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Markets slide on Italy impasse

- Silvio hints his party may form coalition with Centre-Left outfit

Rome, Feb. 26: Markets dropped and Italians awoke today to headlines screaming “Ungovernability” and “Hung Parliament” a day after national elections to replace the technocratic government of caretaker Prime Minister Mario Monti failed to produce a majority capable of governing the third-largest economy among those using the euro currency.

Former Prime Minister Silvio Berlusconi hinted that his Centre-Right People of Liberty Party might be inclined to form a grand coalition with the Centre-Left Democratic Party of Pier Luigi Bersani, a prospect that would be ideologically contradictory but which, experts said, might be the only governing coalition possible, given the outcome of the ballot.

Results indicated that the Democratic Party would have a majority in the lower house, the Chamber of Deputies, thanks to a premium of bonus seats given to the largest bloc. But it would only have about 119 seats in the Senate, compared with 117 seats for Berlusconi’s party, far short of the 158 required to govern.

Under Italy’s electoral law, front-runners are awarded bonus seats in the lower house based on national totals and in the Senate based on regional total, which can produce split results. That happened yesterday when Berlusconi’s party won by about three percentage points in the powerful Lombardy region after it formed an alliance with the Northern League Party.

The outstanding success of the elections was the Five-Star Movement of comedian Beppe Grillo, which led a grass-roots and Web-based campaign and won more votes than any other party, with about 25 per cent of the ballot. The group drew support from a powerful protest vote as Italians from both Right and Left — and the wealthier north and poorer south — were drawn to Grillo’s Opposition to austerity measures and appeal to oust the existing political order. It has indicated that it is not inclined to form a governing alliance with Bersani or Berlusconi.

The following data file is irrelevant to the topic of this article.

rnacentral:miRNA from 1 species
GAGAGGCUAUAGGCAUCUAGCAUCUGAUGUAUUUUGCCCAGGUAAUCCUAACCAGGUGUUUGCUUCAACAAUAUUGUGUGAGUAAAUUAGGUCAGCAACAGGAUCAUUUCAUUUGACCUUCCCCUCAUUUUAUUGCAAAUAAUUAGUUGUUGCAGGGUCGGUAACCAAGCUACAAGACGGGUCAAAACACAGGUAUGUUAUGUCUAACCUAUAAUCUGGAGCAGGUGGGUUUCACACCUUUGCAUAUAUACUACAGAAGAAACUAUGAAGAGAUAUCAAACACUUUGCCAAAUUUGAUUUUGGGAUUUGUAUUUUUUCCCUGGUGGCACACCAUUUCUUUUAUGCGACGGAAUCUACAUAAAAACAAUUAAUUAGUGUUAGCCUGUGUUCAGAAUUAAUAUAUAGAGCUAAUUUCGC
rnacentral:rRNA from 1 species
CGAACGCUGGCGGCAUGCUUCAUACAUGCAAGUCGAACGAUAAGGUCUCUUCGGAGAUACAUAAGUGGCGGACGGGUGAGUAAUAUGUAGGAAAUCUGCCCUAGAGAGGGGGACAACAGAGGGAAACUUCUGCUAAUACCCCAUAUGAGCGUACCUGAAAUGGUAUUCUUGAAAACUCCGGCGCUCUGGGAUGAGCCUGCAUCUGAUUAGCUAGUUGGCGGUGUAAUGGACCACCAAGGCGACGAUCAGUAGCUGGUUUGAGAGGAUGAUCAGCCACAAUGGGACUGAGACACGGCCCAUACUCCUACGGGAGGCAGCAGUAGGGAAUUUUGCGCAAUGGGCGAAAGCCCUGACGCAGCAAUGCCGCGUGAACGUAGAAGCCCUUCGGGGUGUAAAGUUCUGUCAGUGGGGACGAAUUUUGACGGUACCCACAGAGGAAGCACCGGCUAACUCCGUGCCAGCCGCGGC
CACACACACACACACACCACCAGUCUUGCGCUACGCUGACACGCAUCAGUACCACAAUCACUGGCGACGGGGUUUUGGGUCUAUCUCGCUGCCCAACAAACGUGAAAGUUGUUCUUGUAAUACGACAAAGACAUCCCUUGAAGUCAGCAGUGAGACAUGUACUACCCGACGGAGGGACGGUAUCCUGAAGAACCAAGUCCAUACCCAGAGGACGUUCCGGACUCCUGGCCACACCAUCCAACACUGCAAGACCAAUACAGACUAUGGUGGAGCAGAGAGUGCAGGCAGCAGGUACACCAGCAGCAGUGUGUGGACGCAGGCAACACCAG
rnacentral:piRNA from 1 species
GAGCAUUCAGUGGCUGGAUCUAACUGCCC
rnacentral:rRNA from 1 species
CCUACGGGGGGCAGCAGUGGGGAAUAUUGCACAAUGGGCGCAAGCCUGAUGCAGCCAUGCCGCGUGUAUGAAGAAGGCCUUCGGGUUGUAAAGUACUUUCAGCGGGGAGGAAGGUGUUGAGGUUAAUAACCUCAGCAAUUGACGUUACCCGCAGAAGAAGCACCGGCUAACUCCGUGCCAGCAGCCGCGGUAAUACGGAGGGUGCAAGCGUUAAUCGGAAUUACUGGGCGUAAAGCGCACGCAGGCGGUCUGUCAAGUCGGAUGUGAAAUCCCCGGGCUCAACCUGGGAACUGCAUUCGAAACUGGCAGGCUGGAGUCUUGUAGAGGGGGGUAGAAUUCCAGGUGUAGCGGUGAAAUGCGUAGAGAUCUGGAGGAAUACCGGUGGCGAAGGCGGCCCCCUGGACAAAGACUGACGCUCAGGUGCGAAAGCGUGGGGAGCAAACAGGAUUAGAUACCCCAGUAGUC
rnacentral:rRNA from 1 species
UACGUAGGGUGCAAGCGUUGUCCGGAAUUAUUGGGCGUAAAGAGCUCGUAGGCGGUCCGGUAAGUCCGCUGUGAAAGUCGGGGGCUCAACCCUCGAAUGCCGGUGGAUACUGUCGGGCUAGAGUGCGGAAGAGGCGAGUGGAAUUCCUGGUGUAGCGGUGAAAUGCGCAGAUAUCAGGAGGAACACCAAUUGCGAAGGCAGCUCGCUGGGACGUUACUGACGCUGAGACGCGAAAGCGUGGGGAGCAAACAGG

Analysts said earlier that the best-case scenario would be a shaky coalition government, which would once again expose Italy and the euro zone to turmoil if markets question its commitment to measures that have kept the budget deficit within a tolerable 3 per cent of gross domestic product.

News of the stalemate sent tremors through the financial world, sending the Dow Jones industrial average down more than 200 points yesterday and shaking confidence again today, when the Italian stock market fell by some 4.5 per cent.

Although analysts blamed the large protest vote on Italy’s political morass and troubled electoral system, the results were also seen as a rejection of the deficit-reduction strategy set by the European Commission and the European Central Bank for a country deemed too big to fail and too big to bail out.

“No doubt Italy has an imperfect political culture, but this election, I think, is the logical consequence of pursuing policies that have dramatically worsened the economic and social picture in Italy,” said Simon Tilford, the chief economist of the Centre for European Reform, a London research institute. “People have been warning that if they adhere to this policy there will be a political cost, there will be backlash,” he added. “It couldn’t have taken place in a more pivotal country.”

 
 
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